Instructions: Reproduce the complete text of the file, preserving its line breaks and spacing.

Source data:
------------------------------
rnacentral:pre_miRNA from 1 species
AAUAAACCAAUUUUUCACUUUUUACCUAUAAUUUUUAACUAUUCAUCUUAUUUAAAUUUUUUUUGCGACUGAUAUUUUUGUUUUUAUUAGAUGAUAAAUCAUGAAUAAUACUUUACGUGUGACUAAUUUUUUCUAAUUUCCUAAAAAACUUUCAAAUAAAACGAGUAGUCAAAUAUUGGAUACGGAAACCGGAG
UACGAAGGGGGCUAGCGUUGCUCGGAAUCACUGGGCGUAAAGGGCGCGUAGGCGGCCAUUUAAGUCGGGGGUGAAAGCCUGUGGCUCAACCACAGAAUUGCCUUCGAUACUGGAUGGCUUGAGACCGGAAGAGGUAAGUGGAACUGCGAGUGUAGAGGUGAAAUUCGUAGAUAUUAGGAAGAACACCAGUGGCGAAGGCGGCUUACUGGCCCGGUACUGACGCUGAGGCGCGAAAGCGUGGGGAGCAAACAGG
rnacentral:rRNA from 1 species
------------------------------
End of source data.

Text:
rnacentral:pre_miRNA from 1 species
AAUAAACCAAUUUUUCACUUUUUACCUAUAAUUUUUAACUAUUCAUCUUAUUUAAAUUUUUUUUGCGACUGAUAUUUUUGUUUUUAUUAGAUGAUAAAUCAUGAAUAAUACUUUACGUGUGACUAAUUUUUUCUAAUUUCCUAAAAAACUUUCAAAUAAAACGAGUAGUCAAAUAUUGGAUACGGAAACCGGAG
UACGAAGGGGGCUAGCGUUGCUCGGAAUCACUGGGCGUAAAGGGCGCGUAGGCGGCCAUUUAAGUCGGGGGUGAAAGCCUGUGGCUCAACCACAGAAUUGCCUUCGAUACUGGAUGGCUUGAGACCGGAAGAGGUAAGUGGAACUGCGAGUGUAGAGGUGAAAUUCGUAGAUAUUAGGAAGAACACCAGUGGCGAAGGCGGCUUACUGGCCCGGUACUGACGCUGAGGCGCGAAAGCGUGGGGAGCAAACAGG
rnacentral:rRNA from 1 species